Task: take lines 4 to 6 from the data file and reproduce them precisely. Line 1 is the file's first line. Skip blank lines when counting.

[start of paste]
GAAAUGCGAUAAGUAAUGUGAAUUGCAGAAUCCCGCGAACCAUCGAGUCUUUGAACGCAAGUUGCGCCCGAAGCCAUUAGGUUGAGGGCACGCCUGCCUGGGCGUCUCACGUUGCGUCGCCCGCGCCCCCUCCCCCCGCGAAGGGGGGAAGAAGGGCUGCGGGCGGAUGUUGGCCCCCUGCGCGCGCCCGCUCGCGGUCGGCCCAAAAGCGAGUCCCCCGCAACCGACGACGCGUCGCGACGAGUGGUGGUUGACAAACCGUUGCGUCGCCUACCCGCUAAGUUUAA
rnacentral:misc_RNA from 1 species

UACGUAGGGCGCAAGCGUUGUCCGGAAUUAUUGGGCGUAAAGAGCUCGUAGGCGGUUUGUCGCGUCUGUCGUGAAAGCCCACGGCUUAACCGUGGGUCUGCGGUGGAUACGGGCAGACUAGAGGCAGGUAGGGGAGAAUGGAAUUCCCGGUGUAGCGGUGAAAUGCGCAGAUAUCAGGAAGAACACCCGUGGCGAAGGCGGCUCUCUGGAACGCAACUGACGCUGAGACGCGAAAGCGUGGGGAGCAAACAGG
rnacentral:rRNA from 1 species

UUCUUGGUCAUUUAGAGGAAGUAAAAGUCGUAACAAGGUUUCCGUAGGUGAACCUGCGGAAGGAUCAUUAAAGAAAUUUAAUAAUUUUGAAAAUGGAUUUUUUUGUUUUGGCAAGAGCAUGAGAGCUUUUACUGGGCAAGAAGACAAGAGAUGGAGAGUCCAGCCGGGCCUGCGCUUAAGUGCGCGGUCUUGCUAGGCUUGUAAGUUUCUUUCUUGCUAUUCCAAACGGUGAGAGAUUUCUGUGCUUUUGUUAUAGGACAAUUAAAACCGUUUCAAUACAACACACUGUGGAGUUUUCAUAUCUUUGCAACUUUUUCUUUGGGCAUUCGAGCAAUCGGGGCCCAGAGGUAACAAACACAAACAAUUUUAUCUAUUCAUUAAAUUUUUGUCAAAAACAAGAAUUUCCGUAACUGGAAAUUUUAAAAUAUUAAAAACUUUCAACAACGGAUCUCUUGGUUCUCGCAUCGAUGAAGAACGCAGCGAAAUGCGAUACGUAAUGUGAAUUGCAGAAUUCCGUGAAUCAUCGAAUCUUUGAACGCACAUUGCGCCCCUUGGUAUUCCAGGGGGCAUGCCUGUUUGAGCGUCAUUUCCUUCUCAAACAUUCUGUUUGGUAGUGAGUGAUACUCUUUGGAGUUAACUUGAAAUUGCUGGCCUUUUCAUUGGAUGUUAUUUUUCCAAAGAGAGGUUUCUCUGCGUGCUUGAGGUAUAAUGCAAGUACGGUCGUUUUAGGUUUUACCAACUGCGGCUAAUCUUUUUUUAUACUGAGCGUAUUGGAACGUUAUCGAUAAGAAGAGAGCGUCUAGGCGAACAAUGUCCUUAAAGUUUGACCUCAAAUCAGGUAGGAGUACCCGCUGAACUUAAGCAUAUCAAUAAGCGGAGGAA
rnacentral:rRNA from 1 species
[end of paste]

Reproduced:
rnacentral:rRNA from 1 species

UUCUUGGUCAUUUAGAGGAAGUAAAAGUCGUAACAAGGUUUCCGUAGGUGAACCUGCGGAAGGAUCAUUAAAGAAAUUUAAUAAUUUUGAAAAUGGAUUUUUUUGUUUUGGCAAGAGCAUGAGAGCUUUUACUGGGCAAGAAGACAAGAGAUGGAGAGUCCAGCCGGGCCUGCGCUUAAGUGCGCGGUCUUGCUAGGCUUGUAAGUUUCUUUCUUGCUAUUCCAAACGGUGAGAGAUUUCUGUGCUUUUGUUAUAGGACAAUUAAAACCGUUUCAAUACAACACACUGUGGAGUUUUCAUAUCUUUGCAACUUUUUCUUUGGGCAUUCGAGCAAUCGGGGCCCAGAGGUAACAAACACAAACAAUUUUAUCUAUUCAUUAAAUUUUUGUCAAAAACAAGAAUUUCCGUAACUGGAAAUUUUAAAAUAUUAAAAACUUUCAACAACGGAUCUCUUGGUUCUCGCAUCGAUGAAGAACGCAGCGAAAUGCGAUACGUAAUGUGAAUUGCAGAAUUCCGUGAAUCAUCGAAUCUUUGAACGCACAUUGCGCCCCUUGGUAUUCCAGGGGGCAUGCCUGUUUGAGCGUCAUUUCCUUCUCAAACAUUCUGUUUGGUAGUGAGUGAUACUCUUUGGAGUUAACUUGAAAUUGCUGGCCUUUUCAUUGGAUGUUAUUUUUCCAAAGAGAGGUUUCUCUGCGUGCUUGAGGUAUAAUGCAAGUACGGUCGUUUUAGGUUUUACCAACUGCGGCUAAUCUUUUUUUAUACUGAGCGUAUUGGAACGUUAUCGAUAAGAAGAGAGCGUCUAGGCGAACAAUGUCCUUAAAGUUUGACCUCAAAUCAGGUAGGAGUACCCGCUGAACUUAAGCAUAUCAAUAAGCGGAGGAA
rnacentral:rRNA from 1 species